1. Always enjoy the “grist” you pick up and pass along. Already want to talk about the “relationship” questions. Surely it is a mistake to think that the person we are seeking to share our lives with is any more stable or mature or together than we are. To ask, “what will she think?” is to make a god of her. For some strange reason, we project God’s privilege to judge onto those we hope will love us. Why do we do this? Does all love in the final analysis strum the deepest chord of our being – people created to know the love of God and realizing we don’t deserve it?

  2. Suzanne

    Three altogether different, but interesting topics.
    1) I enjoyed the blog by Scot McKnight, although I somewhat disagree with the statement implying “communion” is what brings us together. Coming together and taking communion certainly stirs the heart with remembrance and gratitude for the sacrifice that was made for us, and reminds us to uphold each other in prayer, but once it’s over, I feel many go about the next 6 days with little to no communication with each other. Do we really know, or put effort into getting to know, those we take communion with? Do we really care about those we take communion with? I think churches would be very different if this were the case.
    Stephen feels that people haven’t given up on God but as he stated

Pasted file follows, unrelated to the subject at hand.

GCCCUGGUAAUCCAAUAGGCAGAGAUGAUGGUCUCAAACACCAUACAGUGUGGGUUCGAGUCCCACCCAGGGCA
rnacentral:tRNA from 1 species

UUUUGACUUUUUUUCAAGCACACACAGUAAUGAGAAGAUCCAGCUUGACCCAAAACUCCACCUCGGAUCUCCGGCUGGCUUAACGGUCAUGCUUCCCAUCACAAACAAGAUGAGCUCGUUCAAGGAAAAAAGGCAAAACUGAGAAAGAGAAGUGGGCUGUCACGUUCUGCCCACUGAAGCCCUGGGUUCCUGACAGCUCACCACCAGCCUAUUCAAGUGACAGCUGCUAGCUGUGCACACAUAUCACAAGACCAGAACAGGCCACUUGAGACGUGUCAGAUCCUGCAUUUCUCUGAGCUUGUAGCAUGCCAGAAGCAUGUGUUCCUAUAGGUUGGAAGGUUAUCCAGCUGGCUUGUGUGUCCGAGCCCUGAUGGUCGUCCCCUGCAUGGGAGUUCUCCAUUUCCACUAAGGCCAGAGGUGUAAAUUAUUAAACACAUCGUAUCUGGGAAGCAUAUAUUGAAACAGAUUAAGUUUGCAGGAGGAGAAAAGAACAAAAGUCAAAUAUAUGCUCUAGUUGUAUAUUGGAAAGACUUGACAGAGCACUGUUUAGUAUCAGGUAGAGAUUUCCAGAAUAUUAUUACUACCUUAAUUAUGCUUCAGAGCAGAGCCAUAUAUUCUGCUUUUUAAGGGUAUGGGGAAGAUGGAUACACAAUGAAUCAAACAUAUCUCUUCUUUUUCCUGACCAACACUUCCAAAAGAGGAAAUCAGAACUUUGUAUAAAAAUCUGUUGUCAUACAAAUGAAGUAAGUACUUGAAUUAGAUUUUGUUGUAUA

“They’re sick of the hypocrisy, judgment, infighting, fear, and shame associated with institutionalized “Christianity.” What does the statement that we must surrender our ideals of the church and learn to live with its brokenness really mean? Are we accepting the brokenness by ignoring it and claiming communion will bring us together?

    2) I read Mike’s blog. Interesting, and I agree that sometimes we lose people with our cliche’ phrases and our formality. Perhaps it’s better to pattern ourselves after Jesus with how he reached out to the non-believers. Communication is key.

    3) I am probably the worst person to weigh in on the topic of relationships. I am not sure I believe that love is renewed once it is lost, being one that walked away as a result. I have heard many stories from those who claim that it has been restored, however; I often wonder, did real love and commitment take place, or did one just settle? I would think there is hope, when the love is not lost completely. I do know from experience that relationships require MUCH effort, sometimes to the point of exhaustion, which leave little room to “feel” the love, or whatever we imagine that love should be.
    I also know from experience that the grass is not necessarily greener on the other side of the fence. Most couples don’t want to admit to each other, let alone to others, that their love is wavering, let alone lost. I do think that if we are honest, most of us know enough about our partner to know if the relationship is not working, so why not discuss it? Most people hide their true thoughts and are not willing to be brutally honest. Some people like to hold on to the hurts/differences that divide them, so it’s hard to ever move forward. Even if you are completely open and honest, not all people are willing to change. If there is any hope of rekindling a flickering flame, there must be complete honesty, and a willingness to make an effort, by both persons. One person cannot save the relationship.
    Anyway, anxious to see the movie “Her” as I’m always intrigued by others view on life, and love.
    As always, and the reason I don’t respond much, this is very lengthy for which I apologize.